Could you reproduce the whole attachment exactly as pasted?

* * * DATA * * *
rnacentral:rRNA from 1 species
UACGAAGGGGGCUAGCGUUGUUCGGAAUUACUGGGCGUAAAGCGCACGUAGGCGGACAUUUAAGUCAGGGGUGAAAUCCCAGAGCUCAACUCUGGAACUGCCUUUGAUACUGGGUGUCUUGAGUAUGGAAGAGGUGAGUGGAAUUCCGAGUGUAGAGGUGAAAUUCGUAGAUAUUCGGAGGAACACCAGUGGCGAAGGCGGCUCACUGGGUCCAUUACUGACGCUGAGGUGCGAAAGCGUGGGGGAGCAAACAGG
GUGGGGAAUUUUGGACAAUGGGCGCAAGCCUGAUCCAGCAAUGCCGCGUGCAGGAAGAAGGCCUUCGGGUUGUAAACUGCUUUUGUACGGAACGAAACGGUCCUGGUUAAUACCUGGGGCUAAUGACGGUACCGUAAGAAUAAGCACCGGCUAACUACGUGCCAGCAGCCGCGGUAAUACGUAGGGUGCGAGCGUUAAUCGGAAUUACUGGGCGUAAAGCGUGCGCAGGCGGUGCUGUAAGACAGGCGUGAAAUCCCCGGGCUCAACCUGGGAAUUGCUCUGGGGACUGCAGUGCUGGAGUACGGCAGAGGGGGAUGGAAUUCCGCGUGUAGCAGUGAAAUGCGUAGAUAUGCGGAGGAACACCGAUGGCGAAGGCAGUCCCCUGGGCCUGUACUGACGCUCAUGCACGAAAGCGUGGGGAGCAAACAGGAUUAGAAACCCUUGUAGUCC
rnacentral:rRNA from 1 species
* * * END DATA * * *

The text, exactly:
rnacentral:rRNA from 1 species
UACGAAGGGGGCUAGCGUUGUUCGGAAUUACUGGGCGUAAAGCGCACGUAGGCGGACAUUUAAGUCAGGGGUGAAAUCCCAGAGCUCAACUCUGGAACUGCCUUUGAUACUGGGUGUCUUGAGUAUGGAAGAGGUGAGUGGAAUUCCGAGUGUAGAGGUGAAAUUCGUAGAUAUUCGGAGGAACACCAGUGGCGAAGGCGGCUCACUGGGUCCAUUACUGACGCUGAGGUGCGAAAGCGUGGGGGAGCAAACAGG
GUGGGGAAUUUUGGACAAUGGGCGCAAGCCUGAUCCAGCAAUGCCGCGUGCAGGAAGAAGGCCUUCGGGUUGUAAACUGCUUUUGUACGGAACGAAACGGUCCUGGUUAAUACCUGGGGCUAAUGACGGUACCGUAAGAAUAAGCACCGGCUAACUACGUGCCAGCAGCCGCGGUAAUACGUAGGGUGCGAGCGUUAAUCGGAAUUACUGGGCGUAAAGCGUGCGCAGGCGGUGCUGUAAGACAGGCGUGAAAUCCCCGGGCUCAACCUGGGAAUUGCUCUGGGGACUGCAGUGCUGGAGUACGGCAGAGGGGGAUGGAAUUCCGCGUGUAGCAGUGAAAUGCGUAGAUAUGCGGAGGAACACCGAUGGCGAAGGCAGUCCCCUGGGCCUGUACUGACGCUCAUGCACGAAAGCGUGGGGAGCAAACAGGAUUAGAAACCCUUGUAGUCC
rnacentral:rRNA from 1 species